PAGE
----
Scientists have learned how to discover what you are dreaming about while you sleep. A team of researchers led by Yukiyasu Kamitani of the ATR Computational Neuroscience Laboratories in Kyoto, Japan, used functional neuroimaging to scan the brains of three people as they slept, simultaneously recording their brain waves using electroencephalography (EEG). The researchers woke the participants whenever they detected the pattern of brain waves associated with sleep onset, asked them what they had just dreamed about, and then asked them to go back to sleep. This was done in three-hour blocks, and repeated between seven and ten times, on different days, for each participant. During each block, participants were woken up ten times per hour. Each volunteer reported having visual dreams six or seven times every hour, giving the researchers a total of around 200 dream reports. Most of the dreams reflected everyday experiences, but some contained unusual content, such as talking to a famous actor. The researchers extracted key words from the participants’ verbal reports, and picked 20 categories — such as 'car', 'male', 'female', and 'computer' — that appeared most frequently in their dream reports. Kamitani and his colleagues then selected photos representing each category, scanned the participants’ brains again while they viewed the images, and compared brain activity patterns with those recorded just before the participants were woken up.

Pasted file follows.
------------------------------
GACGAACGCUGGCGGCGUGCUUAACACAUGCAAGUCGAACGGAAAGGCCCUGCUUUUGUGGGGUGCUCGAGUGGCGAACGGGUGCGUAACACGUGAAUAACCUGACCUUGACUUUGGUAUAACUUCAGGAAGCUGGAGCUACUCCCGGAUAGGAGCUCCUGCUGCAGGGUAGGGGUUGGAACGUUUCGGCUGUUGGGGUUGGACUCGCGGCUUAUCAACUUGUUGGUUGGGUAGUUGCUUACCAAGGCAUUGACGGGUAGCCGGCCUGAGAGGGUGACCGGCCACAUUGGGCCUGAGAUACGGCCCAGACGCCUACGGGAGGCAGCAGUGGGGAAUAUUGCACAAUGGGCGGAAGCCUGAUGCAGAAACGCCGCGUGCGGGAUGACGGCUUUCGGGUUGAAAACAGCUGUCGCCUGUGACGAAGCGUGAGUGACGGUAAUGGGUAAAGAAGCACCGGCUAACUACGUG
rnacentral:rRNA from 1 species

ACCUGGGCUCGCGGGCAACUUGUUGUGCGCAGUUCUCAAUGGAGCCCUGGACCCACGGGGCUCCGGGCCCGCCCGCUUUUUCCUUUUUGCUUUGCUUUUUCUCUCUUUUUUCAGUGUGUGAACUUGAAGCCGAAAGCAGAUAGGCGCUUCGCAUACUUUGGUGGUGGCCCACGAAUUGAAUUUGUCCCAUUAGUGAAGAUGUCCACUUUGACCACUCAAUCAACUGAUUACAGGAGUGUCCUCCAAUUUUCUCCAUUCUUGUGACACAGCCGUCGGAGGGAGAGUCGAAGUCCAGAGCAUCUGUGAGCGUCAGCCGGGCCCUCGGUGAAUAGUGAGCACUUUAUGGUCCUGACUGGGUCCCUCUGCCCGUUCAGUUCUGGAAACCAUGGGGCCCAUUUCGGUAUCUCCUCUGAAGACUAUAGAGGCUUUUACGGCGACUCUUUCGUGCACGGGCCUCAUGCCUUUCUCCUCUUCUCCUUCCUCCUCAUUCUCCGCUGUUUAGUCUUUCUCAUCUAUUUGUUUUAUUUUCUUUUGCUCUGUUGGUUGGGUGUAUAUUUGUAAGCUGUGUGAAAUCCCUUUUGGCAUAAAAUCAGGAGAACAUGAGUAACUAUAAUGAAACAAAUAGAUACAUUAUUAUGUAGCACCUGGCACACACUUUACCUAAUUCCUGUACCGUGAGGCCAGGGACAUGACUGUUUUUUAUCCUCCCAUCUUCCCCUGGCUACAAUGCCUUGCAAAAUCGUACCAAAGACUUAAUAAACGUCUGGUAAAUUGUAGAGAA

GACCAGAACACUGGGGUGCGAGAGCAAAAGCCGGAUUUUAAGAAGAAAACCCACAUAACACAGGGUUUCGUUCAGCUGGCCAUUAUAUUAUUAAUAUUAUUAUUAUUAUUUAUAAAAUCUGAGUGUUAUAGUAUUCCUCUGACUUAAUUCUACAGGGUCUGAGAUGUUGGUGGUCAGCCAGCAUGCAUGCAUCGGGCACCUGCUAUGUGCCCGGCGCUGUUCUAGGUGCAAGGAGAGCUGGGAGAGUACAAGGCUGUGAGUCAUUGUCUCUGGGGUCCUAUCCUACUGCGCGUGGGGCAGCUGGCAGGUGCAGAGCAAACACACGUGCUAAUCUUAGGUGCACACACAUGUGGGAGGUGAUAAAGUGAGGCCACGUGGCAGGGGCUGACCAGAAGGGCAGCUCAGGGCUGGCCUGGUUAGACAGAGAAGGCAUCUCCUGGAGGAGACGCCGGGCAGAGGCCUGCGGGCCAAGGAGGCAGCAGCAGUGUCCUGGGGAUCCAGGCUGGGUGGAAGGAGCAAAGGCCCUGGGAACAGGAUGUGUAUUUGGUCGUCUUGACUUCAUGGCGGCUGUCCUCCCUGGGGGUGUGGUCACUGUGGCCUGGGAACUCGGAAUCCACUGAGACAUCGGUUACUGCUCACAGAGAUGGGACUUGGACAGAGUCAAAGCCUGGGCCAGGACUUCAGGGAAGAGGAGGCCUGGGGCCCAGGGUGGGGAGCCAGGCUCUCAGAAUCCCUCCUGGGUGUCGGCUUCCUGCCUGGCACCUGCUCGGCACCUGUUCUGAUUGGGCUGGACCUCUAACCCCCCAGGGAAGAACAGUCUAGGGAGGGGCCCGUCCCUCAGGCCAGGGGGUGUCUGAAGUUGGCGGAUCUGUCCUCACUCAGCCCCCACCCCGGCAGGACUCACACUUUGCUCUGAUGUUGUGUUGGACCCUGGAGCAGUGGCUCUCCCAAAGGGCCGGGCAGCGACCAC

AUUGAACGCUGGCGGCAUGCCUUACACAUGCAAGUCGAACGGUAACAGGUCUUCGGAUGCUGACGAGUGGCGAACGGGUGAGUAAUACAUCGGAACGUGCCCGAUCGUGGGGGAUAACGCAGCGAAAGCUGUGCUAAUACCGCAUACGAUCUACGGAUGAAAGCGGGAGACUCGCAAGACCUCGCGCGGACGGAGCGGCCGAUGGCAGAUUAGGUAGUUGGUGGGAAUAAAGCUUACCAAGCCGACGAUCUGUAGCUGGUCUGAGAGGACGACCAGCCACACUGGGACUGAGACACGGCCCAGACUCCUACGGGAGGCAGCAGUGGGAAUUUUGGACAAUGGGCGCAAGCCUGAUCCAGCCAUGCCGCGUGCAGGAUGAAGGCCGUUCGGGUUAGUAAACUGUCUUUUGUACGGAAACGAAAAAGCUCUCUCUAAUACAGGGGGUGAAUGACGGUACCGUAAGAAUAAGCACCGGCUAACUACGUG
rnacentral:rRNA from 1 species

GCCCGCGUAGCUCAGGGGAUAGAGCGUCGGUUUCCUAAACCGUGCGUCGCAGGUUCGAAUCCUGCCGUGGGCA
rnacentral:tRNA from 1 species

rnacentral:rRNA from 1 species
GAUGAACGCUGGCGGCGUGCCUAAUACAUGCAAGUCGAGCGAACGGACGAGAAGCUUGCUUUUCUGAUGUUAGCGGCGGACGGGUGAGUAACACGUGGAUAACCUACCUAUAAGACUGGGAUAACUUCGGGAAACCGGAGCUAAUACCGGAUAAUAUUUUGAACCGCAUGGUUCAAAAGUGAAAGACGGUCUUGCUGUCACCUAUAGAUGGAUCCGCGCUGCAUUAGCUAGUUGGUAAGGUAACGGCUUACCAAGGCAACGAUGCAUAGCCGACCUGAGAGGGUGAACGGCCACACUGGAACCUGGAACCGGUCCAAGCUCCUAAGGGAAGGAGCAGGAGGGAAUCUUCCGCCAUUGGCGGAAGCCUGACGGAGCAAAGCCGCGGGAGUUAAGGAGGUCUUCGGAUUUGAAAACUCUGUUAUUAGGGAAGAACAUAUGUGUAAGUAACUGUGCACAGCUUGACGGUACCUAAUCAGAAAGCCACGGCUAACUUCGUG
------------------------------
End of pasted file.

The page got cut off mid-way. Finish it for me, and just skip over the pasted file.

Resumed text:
“We built a model to predict whether each category of content was present in the dreams,” says Kamitani. “By analysing the brain activity during the nine seconds before we woke the subjects, we could predict whether a man is in the dream or not, for instance, with an accuracy of 75–80%.”